If you made of a list of the 10 players you thought were most likely to score 30+ goals this season, Viktor Arvidsson of the Nashville Predators would likely not have made that list. In all reality he probably would not have made the list if it were 50 players.
When the dust settled on the 2016-2017 season, the young Swedish winger posted 31 goals, tied with Artemi Panarin, Predators teammate Filip Forsberg, and Wayne Simmonds and one better than NHL leading scorer Conner McDavid.
Billed as undersized, Arvidsson burst onto the scene this season playing in the Predators top line with Forsberg and Ryan Johansen. Now he finds himself playing in the Stanley Cup Final against the defending champion Pittsburgh Penguins. If he hopes to deliver Nashville its first championship, he’ll need to be every bit as good as he was during the regular season to hoist the Cup.
Name: Viktor Arvidsson
Weight: 180 lbs.
Born: April 8, 1993 (24)
Drafted: 2014 NSH, 4th rd, 22nd pk (112th overall)
2016-17 stat line: 80 games played, 31 goals, 30 assists, 16 +/-, 28 PIM
2017 playoff stat line: 16 games played, 2 goals, 8 assists, 13 +/-, 2 PIM
2016-17 stats vs Penguins: 2 games played, 2 goals, 0 assists, even +/-, 0 PIM
2016-17 5v5 Advanced Stats: 55.7 CF%, 5.5% Corsi Relative, 101.03 PDO
2016-17 Playoffs 5v5 Advanced Stats: 55.8 CF%, 7.0% Corsi Relative, 109.8 PDO
Player detail (via The Hockey News Player Page)
HERO Chart (via Domenic Galamini):
2016-17 Nashville Predators player usage, via Corsica Hockey
Rolling Averages, via Corsica Hockey
Analysis: Players don’t score 31 goals in a season by accident in today’s NHL. Arvidsson may be undersized but what he lacks in size he makes up for in speed and skill. The Swedish winger barely made a blip on the radar last season outside of Nashville but made himself a household name with a 61 point effort in his first full NHL campaign. He can cause all sort of headaches for opposing defenses with his speed to the puck and ability to create offense either shooting the puck or dishing it off to one of his linemates. Arvidsson does more than just pass the eye test, he drives possession on the ice hovering around a 55% CF% for the season. Through three rounds this post season Arvidsson has posted 10 points (2 G, 8 A) playing an average of 19 minutes a night.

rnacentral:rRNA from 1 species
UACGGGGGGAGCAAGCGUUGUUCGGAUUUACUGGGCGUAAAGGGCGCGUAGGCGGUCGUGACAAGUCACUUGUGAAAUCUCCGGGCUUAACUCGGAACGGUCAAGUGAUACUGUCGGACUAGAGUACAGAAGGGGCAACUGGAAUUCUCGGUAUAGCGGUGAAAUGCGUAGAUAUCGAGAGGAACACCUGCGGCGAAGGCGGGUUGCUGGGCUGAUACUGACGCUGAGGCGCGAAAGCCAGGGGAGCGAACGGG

Most common line mates: During the regular season, Arvidsson skated a majority of his ice time alongside Ryan Johansen and Filip Forsberg, totaling over 500 minutes of combined ice time together. Playing as the Predators’ top line for most of the season, the three posted a 58.7% CF% together, the highest on the team. Once the playoffs began Arvidsson remained alongside Johansen and Forsberg for the bulk of his shifts through the first three rounds but during Game 4 of the Western Conference Finals Johansen suffered a thigh injury and underwent season ending surgery. Without Johansen the Predators were forced to move players around the lineup to adjust. During practice on Sunday, Arvidsson was working on the second line with Mike Fisher and James Neal.
Why you should know who he is: Because he’s going to be flying all over the ice looking to create issues for a battered Pens blue line. With Johansen out of the lineup more of a burden will fall on Arvidsson’s shoulders to create offense for Nashville. By the looks of it Arvidsson will be playing on a line with Mike Fisher and James Neal to start the series. This will be a different look for Ardvisson than he has been used to this season but he’ll still be playing with guys who can get him the puck and allow him to work his magic in the offensive zone.
How the Pens can stop him: One major factor in slowing down the young Swede will be limiting the time and space he needs to create offense. If he is given open looks with the puck he is going to force the issue and develop high danger chances for himself and his teammates. It has yet to be seen how the loss of Johansen will impact him but it may not matter if the Pens allow him to skate around undeterred. One thing the Pens could use to their advantage is Arvidsson’s lack of size. Putting a big body on him to knock him off the puck and get him off his game. Arvidsson is too good of a player to be completely shutout for an entire series, but limiting his chances to get free and create in the offensive zone will go a long way to helping the Pens claim the Stanley Cup.